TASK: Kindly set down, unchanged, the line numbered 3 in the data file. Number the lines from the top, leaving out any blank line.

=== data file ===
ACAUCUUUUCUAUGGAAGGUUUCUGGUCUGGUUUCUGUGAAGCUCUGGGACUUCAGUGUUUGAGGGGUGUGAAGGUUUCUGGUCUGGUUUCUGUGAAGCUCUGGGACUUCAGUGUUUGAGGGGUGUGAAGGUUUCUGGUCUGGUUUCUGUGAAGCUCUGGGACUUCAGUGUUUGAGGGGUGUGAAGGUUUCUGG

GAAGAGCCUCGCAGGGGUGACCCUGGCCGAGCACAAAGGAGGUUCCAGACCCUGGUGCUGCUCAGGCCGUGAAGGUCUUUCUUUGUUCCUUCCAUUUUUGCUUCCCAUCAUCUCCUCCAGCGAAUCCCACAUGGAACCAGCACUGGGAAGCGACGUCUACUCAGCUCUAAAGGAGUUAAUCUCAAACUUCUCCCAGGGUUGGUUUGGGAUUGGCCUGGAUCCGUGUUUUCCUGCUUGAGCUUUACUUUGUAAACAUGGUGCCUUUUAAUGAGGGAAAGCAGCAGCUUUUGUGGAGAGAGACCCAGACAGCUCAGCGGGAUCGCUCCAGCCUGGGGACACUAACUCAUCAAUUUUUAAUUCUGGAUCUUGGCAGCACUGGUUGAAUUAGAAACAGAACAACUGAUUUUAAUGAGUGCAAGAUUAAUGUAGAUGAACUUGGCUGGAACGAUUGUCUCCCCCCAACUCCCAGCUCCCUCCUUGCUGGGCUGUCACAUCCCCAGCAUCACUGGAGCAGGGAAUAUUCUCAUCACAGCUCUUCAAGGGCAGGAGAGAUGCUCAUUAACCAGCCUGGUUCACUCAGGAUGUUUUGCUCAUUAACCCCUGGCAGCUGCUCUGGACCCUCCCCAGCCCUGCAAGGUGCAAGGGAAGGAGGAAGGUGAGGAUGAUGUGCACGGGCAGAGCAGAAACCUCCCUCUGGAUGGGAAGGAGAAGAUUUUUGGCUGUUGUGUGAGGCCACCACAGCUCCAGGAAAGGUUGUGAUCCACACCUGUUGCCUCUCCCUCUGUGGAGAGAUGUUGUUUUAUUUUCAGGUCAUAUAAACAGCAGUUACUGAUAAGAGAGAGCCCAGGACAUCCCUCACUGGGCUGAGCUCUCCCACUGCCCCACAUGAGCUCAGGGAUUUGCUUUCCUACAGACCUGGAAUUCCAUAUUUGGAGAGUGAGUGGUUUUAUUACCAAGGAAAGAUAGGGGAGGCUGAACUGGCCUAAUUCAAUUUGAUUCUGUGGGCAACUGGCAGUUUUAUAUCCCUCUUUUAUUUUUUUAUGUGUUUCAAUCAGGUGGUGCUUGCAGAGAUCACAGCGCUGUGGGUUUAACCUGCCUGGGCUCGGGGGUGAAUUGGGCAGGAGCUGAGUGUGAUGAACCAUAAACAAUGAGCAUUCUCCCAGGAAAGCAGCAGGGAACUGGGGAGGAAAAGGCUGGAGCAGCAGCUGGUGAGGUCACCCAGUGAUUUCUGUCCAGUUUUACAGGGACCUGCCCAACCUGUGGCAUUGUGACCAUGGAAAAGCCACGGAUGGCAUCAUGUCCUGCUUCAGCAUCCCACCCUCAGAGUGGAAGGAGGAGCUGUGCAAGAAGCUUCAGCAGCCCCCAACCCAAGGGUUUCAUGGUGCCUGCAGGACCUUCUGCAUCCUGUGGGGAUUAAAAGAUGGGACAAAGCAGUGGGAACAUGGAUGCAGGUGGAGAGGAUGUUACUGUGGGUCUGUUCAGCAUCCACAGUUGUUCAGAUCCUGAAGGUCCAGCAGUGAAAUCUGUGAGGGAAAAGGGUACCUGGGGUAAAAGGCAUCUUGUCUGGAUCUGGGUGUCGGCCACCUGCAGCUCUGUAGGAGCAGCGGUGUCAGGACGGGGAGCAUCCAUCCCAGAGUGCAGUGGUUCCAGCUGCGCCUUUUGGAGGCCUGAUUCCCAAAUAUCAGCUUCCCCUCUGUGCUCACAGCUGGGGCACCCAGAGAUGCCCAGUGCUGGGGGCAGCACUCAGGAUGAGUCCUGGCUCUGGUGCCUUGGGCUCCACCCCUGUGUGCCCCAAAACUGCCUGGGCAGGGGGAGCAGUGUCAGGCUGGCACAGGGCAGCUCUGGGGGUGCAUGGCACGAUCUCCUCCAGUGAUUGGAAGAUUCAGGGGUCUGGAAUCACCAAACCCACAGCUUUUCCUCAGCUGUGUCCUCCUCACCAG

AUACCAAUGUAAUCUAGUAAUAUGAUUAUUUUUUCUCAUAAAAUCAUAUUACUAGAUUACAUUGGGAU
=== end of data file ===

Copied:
AUACCAAUGUAAUCUAGUAAUAUGAUUAUUUUUUCUCAUAAAAUCAUAUUACUAGAUUACAUUGGGAU